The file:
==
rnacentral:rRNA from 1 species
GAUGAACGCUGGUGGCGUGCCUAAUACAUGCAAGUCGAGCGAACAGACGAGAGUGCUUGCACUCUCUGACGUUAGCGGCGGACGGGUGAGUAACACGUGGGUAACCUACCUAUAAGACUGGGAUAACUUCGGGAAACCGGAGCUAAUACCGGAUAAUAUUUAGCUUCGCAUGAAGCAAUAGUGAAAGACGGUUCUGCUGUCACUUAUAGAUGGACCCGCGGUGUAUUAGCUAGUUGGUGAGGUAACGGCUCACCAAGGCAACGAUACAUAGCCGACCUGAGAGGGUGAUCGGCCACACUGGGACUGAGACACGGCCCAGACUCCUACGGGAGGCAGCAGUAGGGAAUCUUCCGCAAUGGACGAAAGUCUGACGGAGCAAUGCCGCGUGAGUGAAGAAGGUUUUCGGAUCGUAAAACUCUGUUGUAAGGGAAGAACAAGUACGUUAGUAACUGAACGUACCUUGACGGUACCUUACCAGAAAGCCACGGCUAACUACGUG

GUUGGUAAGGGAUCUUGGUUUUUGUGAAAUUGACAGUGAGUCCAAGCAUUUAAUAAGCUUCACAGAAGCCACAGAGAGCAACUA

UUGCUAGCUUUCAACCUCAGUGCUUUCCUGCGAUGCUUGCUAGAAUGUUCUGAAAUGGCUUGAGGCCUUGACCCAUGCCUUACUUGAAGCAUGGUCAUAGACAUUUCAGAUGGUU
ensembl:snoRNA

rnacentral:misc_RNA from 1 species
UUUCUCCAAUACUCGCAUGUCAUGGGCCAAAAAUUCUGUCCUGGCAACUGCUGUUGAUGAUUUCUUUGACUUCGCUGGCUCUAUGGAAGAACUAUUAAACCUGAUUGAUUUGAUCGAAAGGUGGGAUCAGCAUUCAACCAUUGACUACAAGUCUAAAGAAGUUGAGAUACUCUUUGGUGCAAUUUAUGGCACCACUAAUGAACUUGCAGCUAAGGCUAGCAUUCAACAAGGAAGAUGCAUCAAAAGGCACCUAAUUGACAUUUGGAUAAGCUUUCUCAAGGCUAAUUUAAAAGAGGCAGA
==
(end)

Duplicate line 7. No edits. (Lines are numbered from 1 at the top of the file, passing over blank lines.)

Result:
UUUCUCCAAUACUCGCAUGUCAUGGGCCAAAAAUUCUGUCCUGGCAACUGCUGUUGAUGAUUUCUUUGACUUCGCUGGCUCUAUGGAAGAACUAUUAAACCUGAUUGAUUUGAUCGAAAGGUGGGAUCAGCAUUCAACCAUUGACUACAAGUCUAAAGAAGUUGAGAUACUCUUUGGUGCAAUUUAUGGCACCACUAAUGAACUUGCAGCUAAGGCUAGCAUUCAACAAGGAAGAUGCAUCAAAAGGCACCUAAUUGACAUUUGGAUAAGCUUUCUCAAGGCUAAUUUAAAAGAGGCAGA